Remittances: Who sends money overseas?

Christien PhebyContent Manager
January 28, 2021, 12:07 PM UTC

YouGov data takes a look at British and American remittance payments

Data from YouGov Profiles reveals that 12% of Britons and Americans send money overseas. But how often do they make these payments – and why do they make them?

Our research shows that a fifth of Britons (20%) and a quarter of Americans (25%) who send remittance payments do so at least once a month – with 21% and 27% respectively sending this money abroad at least once every two to three months. Another fifth of those in Britain (18%) and the US (21%) who transfer money overseas do so once every four to six months, while 12% and 10% respectively do so every seven to 12 months.

How much money are people sending abroad – and why are they sending it?

In terms of quantity, over half (54%) of Brits who send remittance payments send less than £500 whenever they transfer money overseas – with over a quarter (28%) transferring between £100 – £499.99. A further 15% send £500-£999.99, while 18% send £1,000 or more.

It’s a broadly similar picture in the US, where over half (52%) of whose who send these payments send less than $500, and a quarter (26%) send between $100 – $500. Americans, are slightly more likely to send greater amounts of money overseas, with a fifth (20%) sending $1,000 or more and 10% sending over $5,000.  

As for why these payments are sent overseas, 43% of both Brits and Americans who send remittances say they are doing so to help their families. This may align with general perceptions of remittance payments, which are commonly associated with migrants in more prosperous countries sending funds back home to help their families and communities in less prosperous countries of origin.

This tendency may be reflected in other answers given – for example, almost a fifth in both the US (18%) and Britain (17%) say they’re sending money overseas to pay for bills. This group skews younger than the general public in both markets: in Britain, two in five (39%) are aged 18-34 next to 28% of the public, while just 14% are over 55. In the US, well over half (56%) are aged 18-34 compared to 32% of the wider public – and a mere 9% are over 55.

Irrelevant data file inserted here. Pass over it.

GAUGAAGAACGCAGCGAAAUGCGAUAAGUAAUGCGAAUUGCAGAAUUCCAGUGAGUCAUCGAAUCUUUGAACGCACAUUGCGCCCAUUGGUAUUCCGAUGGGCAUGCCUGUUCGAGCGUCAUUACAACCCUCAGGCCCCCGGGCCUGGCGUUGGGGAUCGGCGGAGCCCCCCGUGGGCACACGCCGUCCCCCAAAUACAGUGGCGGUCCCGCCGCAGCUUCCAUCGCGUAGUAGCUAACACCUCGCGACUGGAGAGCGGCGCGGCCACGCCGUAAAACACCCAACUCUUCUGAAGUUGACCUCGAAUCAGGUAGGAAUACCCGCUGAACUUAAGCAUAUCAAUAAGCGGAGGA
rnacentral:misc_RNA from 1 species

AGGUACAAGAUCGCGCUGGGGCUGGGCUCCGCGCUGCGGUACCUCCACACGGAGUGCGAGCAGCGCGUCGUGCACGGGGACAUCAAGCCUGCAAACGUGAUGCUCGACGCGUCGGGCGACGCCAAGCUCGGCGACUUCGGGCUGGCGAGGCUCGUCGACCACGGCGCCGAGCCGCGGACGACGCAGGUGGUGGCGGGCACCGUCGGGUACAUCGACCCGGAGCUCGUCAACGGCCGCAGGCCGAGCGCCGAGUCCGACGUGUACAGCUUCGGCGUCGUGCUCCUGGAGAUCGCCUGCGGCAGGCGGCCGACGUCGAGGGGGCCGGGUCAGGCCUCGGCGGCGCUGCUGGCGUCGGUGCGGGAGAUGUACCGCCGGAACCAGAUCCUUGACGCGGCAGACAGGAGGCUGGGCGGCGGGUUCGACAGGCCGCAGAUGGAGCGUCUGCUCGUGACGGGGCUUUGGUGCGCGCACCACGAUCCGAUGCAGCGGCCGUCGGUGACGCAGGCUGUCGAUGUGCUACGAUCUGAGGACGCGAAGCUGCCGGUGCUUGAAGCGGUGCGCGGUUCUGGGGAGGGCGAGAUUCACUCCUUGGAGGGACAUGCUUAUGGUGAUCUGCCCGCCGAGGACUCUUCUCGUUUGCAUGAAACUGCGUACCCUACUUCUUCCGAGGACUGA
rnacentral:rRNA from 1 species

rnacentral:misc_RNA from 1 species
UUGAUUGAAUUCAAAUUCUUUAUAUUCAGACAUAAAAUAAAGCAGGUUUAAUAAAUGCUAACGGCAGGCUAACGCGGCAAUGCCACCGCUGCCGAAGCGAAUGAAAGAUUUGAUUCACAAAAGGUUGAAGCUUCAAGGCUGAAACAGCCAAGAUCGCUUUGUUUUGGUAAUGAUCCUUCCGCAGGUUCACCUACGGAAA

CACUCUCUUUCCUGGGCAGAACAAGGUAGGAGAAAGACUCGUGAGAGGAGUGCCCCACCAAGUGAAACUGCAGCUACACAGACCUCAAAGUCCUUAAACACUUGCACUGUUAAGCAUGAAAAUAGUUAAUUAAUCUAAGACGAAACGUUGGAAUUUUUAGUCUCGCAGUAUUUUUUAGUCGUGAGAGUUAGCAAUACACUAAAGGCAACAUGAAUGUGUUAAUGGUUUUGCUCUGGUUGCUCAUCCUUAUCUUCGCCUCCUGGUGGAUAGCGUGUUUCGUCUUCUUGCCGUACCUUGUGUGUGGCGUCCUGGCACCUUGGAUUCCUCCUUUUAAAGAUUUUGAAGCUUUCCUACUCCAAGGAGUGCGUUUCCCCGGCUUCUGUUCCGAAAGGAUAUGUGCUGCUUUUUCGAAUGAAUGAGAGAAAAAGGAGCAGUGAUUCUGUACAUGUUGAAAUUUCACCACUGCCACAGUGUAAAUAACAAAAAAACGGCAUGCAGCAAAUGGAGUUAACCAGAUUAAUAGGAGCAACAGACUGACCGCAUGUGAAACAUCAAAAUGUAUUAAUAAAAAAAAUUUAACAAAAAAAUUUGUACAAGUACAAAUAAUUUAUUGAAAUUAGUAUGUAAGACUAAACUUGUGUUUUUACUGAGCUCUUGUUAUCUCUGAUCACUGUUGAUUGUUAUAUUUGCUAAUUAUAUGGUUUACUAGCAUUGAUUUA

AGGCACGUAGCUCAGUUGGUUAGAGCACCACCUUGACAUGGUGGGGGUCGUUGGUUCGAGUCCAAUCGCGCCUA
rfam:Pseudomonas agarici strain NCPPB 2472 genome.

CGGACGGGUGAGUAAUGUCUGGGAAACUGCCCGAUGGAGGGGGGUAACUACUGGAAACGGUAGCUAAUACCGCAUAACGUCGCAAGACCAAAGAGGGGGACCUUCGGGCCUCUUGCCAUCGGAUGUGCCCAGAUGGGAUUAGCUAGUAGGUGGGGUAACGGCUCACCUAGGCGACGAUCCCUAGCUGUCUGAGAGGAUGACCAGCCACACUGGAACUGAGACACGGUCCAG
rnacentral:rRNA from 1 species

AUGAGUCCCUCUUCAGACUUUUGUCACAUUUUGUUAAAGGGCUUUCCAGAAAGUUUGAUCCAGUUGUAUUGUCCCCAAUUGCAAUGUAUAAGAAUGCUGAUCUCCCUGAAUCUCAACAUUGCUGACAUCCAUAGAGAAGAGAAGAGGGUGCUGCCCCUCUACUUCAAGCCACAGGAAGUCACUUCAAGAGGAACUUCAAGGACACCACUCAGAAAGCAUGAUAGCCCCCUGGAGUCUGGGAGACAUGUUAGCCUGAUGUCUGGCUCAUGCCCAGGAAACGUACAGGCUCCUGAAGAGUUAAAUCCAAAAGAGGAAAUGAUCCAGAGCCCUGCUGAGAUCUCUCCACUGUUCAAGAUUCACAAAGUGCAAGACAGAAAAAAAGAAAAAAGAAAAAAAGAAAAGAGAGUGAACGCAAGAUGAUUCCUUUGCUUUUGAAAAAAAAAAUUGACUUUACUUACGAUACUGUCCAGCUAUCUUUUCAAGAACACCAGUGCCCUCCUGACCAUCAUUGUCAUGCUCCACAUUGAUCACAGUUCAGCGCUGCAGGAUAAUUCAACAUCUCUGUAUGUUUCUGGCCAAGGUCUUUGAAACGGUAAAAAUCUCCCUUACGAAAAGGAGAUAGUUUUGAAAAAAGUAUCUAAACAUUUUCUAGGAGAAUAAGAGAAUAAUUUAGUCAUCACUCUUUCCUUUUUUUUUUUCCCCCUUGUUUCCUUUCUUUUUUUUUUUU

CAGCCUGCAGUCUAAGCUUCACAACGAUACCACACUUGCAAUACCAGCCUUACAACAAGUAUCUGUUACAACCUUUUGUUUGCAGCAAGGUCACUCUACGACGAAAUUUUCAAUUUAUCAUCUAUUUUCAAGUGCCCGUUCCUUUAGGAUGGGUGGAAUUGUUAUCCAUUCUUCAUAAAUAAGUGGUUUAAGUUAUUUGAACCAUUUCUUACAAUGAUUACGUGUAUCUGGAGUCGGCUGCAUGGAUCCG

There are some key differences between those who send remittance payments in the US and Great Britain: 29% of Americans who transfer funds abroad, for example, are doing so to save money; in Britain, this amounts to just 18% of this group overall. Americans who send remittances are twice as likely to do so in order to pay an overseas credit card (14% vs 7%) or buy an overseas property (15% vs. 7%). International school fees are also a consideration for a minority of this group: 13% of Americans and 8% of Brits say they send money abroad for education.

In terms of preferred payment methods, Paypal is the most commonly used service for both Britons and Americans – though the latter (39%) are far more likely to use it than the former (27%). British consumers who send money overseas are also more likely to use their bank (26%) than Americans (20%), while Americans are more likely to use Western Union (22% vs. 15%). Further down the list, there is evidence that London-based Transferwise enjoys a home advantage among Brits – who are twice as likely (20% vs. 10%) to use it as Americans. The same is true for Dallas-based Moneygram: used by 7% of British and 16% of American consumers who send money abroad.

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